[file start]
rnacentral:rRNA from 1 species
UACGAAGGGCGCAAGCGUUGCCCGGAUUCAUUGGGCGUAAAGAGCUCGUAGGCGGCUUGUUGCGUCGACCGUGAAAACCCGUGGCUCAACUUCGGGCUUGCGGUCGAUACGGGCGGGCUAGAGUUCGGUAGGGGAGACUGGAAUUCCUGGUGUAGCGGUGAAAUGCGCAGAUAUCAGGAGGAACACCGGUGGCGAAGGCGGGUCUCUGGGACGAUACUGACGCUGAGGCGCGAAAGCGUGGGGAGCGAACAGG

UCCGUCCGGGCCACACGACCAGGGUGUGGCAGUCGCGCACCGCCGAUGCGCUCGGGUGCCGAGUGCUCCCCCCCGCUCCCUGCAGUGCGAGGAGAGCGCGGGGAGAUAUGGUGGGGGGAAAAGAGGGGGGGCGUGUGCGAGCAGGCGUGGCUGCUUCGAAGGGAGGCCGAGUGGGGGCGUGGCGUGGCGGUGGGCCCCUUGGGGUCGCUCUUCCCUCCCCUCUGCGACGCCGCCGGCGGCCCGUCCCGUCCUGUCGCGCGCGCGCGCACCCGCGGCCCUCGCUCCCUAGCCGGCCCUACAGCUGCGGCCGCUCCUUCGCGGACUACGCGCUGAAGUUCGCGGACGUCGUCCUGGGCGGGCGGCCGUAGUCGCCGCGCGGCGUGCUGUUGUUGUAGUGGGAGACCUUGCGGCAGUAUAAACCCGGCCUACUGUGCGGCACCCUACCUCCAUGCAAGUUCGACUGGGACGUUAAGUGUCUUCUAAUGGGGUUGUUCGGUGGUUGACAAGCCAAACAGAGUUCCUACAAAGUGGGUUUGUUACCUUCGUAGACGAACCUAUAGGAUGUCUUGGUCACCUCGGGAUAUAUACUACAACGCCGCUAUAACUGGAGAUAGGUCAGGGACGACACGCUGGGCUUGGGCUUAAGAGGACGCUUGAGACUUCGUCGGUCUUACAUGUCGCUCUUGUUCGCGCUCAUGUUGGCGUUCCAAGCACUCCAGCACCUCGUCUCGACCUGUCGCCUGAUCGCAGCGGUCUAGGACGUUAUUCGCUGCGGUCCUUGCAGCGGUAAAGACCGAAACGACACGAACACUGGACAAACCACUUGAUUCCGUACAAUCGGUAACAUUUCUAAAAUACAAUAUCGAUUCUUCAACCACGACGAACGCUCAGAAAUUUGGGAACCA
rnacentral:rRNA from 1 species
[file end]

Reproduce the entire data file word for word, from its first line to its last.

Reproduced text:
rnacentral:rRNA from 1 species
UACGAAGGGCGCAAGCGUUGCCCGGAUUCAUUGGGCGUAAAGAGCUCGUAGGCGGCUUGUUGCGUCGACCGUGAAAACCCGUGGCUCAACUUCGGGCUUGCGGUCGAUACGGGCGGGCUAGAGUUCGGUAGGGGAGACUGGAAUUCCUGGUGUAGCGGUGAAAUGCGCAGAUAUCAGGAGGAACACCGGUGGCGAAGGCGGGUCUCUGGGACGAUACUGACGCUGAGGCGCGAAAGCGUGGGGAGCGAACAGG

UCCGUCCGGGCCACACGACCAGGGUGUGGCAGUCGCGCACCGCCGAUGCGCUCGGGUGCCGAGUGCUCCCCCCCGCUCCCUGCAGUGCGAGGAGAGCGCGGGGAGAUAUGGUGGGGGGAAAAGAGGGGGGGCGUGUGCGAGCAGGCGUGGCUGCUUCGAAGGGAGGCCGAGUGGGGGCGUGGCGUGGCGGUGGGCCCCUUGGGGUCGCUCUUCCCUCCCCUCUGCGACGCCGCCGGCGGCCCGUCCCGUCCUGUCGCGCGCGCGCGCACCCGCGGCCCUCGCUCCCUAGCCGGCCCUACAGCUGCGGCCGCUCCUUCGCGGACUACGCGCUGAAGUUCGCGGACGUCGUCCUGGGCGGGCGGCCGUAGUCGCCGCGCGGCGUGCUGUUGUUGUAGUGGGAGACCUUGCGGCAGUAUAAACCCGGCCUACUGUGCGGCACCCUACCUCCAUGCAAGUUCGACUGGGACGUUAAGUGUCUUCUAAUGGGGUUGUUCGGUGGUUGACAAGCCAAACAGAGUUCCUACAAAGUGGGUUUGUUACCUUCGUAGACGAACCUAUAGGAUGUCUUGGUCACCUCGGGAUAUAUACUACAACGCCGCUAUAACUGGAGAUAGGUCAGGGACGACACGCUGGGCUUGGGCUUAAGAGGACGCUUGAGACUUCGUCGGUCUUACAUGUCGCUCUUGUUCGCGCUCAUGUUGGCGUUCCAAGCACUCCAGCACCUCGUCUCGACCUGUCGCCUGAUCGCAGCGGUCUAGGACGUUAUUCGCUGCGGUCCUUGCAGCGGUAAAGACCGAAACGACACGAACACUGGACAAACCACUUGAUUCCGUACAAUCGGUAACAUUUCUAAAAUACAAUAUCGAUUCUUCAACCACGACGAACGCUCAGAAAUUUGGGAACCA
rnacentral:rRNA from 1 species